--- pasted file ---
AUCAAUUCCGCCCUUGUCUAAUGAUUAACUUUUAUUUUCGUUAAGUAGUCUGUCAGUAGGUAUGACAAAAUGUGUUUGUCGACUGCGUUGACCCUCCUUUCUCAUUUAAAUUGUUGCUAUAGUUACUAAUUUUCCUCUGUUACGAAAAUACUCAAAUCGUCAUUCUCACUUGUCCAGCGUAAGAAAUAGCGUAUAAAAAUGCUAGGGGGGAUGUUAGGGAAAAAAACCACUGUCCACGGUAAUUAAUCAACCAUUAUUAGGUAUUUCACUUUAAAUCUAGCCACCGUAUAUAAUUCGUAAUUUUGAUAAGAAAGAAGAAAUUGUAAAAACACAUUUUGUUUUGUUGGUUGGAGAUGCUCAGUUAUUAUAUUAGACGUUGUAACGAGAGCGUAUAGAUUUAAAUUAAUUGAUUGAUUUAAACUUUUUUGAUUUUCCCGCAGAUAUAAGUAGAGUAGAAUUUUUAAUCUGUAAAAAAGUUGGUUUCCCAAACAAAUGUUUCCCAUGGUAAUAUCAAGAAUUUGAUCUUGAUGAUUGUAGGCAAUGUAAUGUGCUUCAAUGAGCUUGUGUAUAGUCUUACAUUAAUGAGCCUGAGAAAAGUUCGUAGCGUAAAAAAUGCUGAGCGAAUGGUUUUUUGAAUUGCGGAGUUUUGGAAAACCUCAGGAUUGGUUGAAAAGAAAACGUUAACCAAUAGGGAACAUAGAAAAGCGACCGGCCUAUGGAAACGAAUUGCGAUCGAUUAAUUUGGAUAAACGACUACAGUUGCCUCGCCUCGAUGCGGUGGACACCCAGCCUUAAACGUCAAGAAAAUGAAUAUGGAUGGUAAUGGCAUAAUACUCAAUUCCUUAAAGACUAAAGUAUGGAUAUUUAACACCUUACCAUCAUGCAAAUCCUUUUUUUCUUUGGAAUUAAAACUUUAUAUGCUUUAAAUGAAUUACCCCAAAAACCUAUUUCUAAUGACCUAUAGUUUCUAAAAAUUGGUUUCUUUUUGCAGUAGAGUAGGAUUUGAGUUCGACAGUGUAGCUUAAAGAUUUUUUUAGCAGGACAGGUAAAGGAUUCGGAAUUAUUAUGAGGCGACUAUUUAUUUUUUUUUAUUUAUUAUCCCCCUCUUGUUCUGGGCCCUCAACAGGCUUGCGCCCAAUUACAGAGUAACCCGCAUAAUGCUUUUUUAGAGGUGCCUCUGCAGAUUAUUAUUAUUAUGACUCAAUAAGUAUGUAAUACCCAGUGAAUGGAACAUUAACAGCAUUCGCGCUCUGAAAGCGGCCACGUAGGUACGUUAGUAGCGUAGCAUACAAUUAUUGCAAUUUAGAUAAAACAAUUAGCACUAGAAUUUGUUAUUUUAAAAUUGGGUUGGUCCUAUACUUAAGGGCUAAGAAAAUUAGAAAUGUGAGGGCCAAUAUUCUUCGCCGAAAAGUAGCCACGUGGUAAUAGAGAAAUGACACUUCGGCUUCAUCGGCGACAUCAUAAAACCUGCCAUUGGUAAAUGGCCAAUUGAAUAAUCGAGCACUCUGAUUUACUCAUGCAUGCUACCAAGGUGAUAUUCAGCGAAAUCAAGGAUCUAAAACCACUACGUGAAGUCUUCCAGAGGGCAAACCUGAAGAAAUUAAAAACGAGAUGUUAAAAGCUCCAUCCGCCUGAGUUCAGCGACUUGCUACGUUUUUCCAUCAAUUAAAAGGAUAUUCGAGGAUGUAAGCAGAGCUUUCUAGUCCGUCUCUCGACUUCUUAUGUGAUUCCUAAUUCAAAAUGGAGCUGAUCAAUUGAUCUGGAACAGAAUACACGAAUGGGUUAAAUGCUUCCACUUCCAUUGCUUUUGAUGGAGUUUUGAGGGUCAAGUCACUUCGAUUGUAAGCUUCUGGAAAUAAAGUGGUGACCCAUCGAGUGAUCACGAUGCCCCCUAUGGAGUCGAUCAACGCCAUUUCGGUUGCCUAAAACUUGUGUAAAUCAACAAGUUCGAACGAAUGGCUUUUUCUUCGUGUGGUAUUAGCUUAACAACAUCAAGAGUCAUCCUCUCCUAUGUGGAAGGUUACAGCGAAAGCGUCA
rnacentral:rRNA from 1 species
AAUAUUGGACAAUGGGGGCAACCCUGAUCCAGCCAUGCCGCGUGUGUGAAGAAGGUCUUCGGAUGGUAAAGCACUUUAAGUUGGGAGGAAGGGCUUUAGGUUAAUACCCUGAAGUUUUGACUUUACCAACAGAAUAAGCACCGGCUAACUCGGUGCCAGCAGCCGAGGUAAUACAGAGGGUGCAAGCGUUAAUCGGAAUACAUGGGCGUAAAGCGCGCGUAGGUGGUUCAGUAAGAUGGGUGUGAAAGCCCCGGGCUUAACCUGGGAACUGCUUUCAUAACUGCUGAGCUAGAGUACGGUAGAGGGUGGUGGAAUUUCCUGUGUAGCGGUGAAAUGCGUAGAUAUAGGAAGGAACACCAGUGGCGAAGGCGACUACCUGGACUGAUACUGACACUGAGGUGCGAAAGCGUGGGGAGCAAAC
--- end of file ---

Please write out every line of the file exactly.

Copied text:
AUCAAUUCCGCCCUUGUCUAAUGAUUAACUUUUAUUUUCGUUAAGUAGUCUGUCAGUAGGUAUGACAAAAUGUGUUUGUCGACUGCGUUGACCCUCCUUUCUCAUUUAAAUUGUUGCUAUAGUUACUAAUUUUCCUCUGUUACGAAAAUACUCAAAUCGUCAUUCUCACUUGUCCAGCGUAAGAAAUAGCGUAUAAAAAUGCUAGGGGGGAUGUUAGGGAAAAAAACCACUGUCCACGGUAAUUAAUCAACCAUUAUUAGGUAUUUCACUUUAAAUCUAGCCACCGUAUAUAAUUCGUAAUUUUGAUAAGAAAGAAGAAAUUGUAAAAACACAUUUUGUUUUGUUGGUUGGAGAUGCUCAGUUAUUAUAUUAGACGUUGUAACGAGAGCGUAUAGAUUUAAAUUAAUUGAUUGAUUUAAACUUUUUUGAUUUUCCCGCAGAUAUAAGUAGAGUAGAAUUUUUAAUCUGUAAAAAAGUUGGUUUCCCAAACAAAUGUUUCCCAUGGUAAUAUCAAGAAUUUGAUCUUGAUGAUUGUAGGCAAUGUAAUGUGCUUCAAUGAGCUUGUGUAUAGUCUUACAUUAAUGAGCCUGAGAAAAGUUCGUAGCGUAAAAAAUGCUGAGCGAAUGGUUUUUUGAAUUGCGGAGUUUUGGAAAACCUCAGGAUUGGUUGAAAAGAAAACGUUAACCAAUAGGGAACAUAGAAAAGCGACCGGCCUAUGGAAACGAAUUGCGAUCGAUUAAUUUGGAUAAACGACUACAGUUGCCUCGCCUCGAUGCGGUGGACACCCAGCCUUAAACGUCAAGAAAAUGAAUAUGGAUGGUAAUGGCAUAAUACUCAAUUCCUUAAAGACUAAAGUAUGGAUAUUUAACACCUUACCAUCAUGCAAAUCCUUUUUUUCUUUGGAAUUAAAACUUUAUAUGCUUUAAAUGAAUUACCCCAAAAACCUAUUUCUAAUGACCUAUAGUUUCUAAAAAUUGGUUUCUUUUUGCAGUAGAGUAGGAUUUGAGUUCGACAGUGUAGCUUAAAGAUUUUUUUAGCAGGACAGGUAAAGGAUUCGGAAUUAUUAUGAGGCGACUAUUUAUUUUUUUUUAUUUAUUAUCCCCCUCUUGUUCUGGGCCCUCAACAGGCUUGCGCCCAAUUACAGAGUAACCCGCAUAAUGCUUUUUUAGAGGUGCCUCUGCAGAUUAUUAUUAUUAUGACUCAAUAAGUAUGUAAUACCCAGUGAAUGGAACAUUAACAGCAUUCGCGCUCUGAAAGCGGCCACGUAGGUACGUUAGUAGCGUAGCAUACAAUUAUUGCAAUUUAGAUAAAACAAUUAGCACUAGAAUUUGUUAUUUUAAAAUUGGGUUGGUCCUAUACUUAAGGGCUAAGAAAAUUAGAAAUGUGAGGGCCAAUAUUCUUCGCCGAAAAGUAGCCACGUGGUAAUAGAGAAAUGACACUUCGGCUUCAUCGGCGACAUCAUAAAACCUGCCAUUGGUAAAUGGCCAAUUGAAUAAUCGAGCACUCUGAUUUACUCAUGCAUGCUACCAAGGUGAUAUUCAGCGAAAUCAAGGAUCUAAAACCACUACGUGAAGUCUUCCAGAGGGCAAACCUGAAGAAAUUAAAAACGAGAUGUUAAAAGCUCCAUCCGCCUGAGUUCAGCGACUUGCUACGUUUUUCCAUCAAUUAAAAGGAUAUUCGAGGAUGUAAGCAGAGCUUUCUAGUCCGUCUCUCGACUUCUUAUGUGAUUCCUAAUUCAAAAUGGAGCUGAUCAAUUGAUCUGGAACAGAAUACACGAAUGGGUUAAAUGCUUCCACUUCCAUUGCUUUUGAUGGAGUUUUGAGGGUCAAGUCACUUCGAUUGUAAGCUUCUGGAAAUAAAGUGGUGACCCAUCGAGUGAUCACGAUGCCCCCUAUGGAGUCGAUCAACGCCAUUUCGGUUGCCUAAAACUUGUGUAAAUCAACAAGUUCGAACGAAUGGCUUUUUCUUCGUGUGGUAUUAGCUUAACAACAUCAAGAGUCAUCCUCUCCUAUGUGGAAGGUUACAGCGAAAGCGUCA
rnacentral:rRNA from 1 species
AAUAUUGGACAAUGGGGGCAACCCUGAUCCAGCCAUGCCGCGUGUGUGAAGAAGGUCUUCGGAUGGUAAAGCACUUUAAGUUGGGAGGAAGGGCUUUAGGUUAAUACCCUGAAGUUUUGACUUUACCAACAGAAUAAGCACCGGCUAACUCGGUGCCAGCAGCCGAGGUAAUACAGAGGGUGCAAGCGUUAAUCGGAAUACAUGGGCGUAAAGCGCGCGUAGGUGGUUCAGUAAGAUGGGUGUGAAAGCCCCGGGCUUAACCUGGGAACUGCUUUCAUAACUGCUGAGCUAGAGUACGGUAGAGGGUGGUGGAAUUUCCUGUGUAGCGGUGAAAUGCGUAGAUAUAGGAAGGAACACCAGUGGCGAAGGCGACUACCUGGACUGAUACUGACACUGAGGUGCGAAAGCGUGGGGAGCAAAC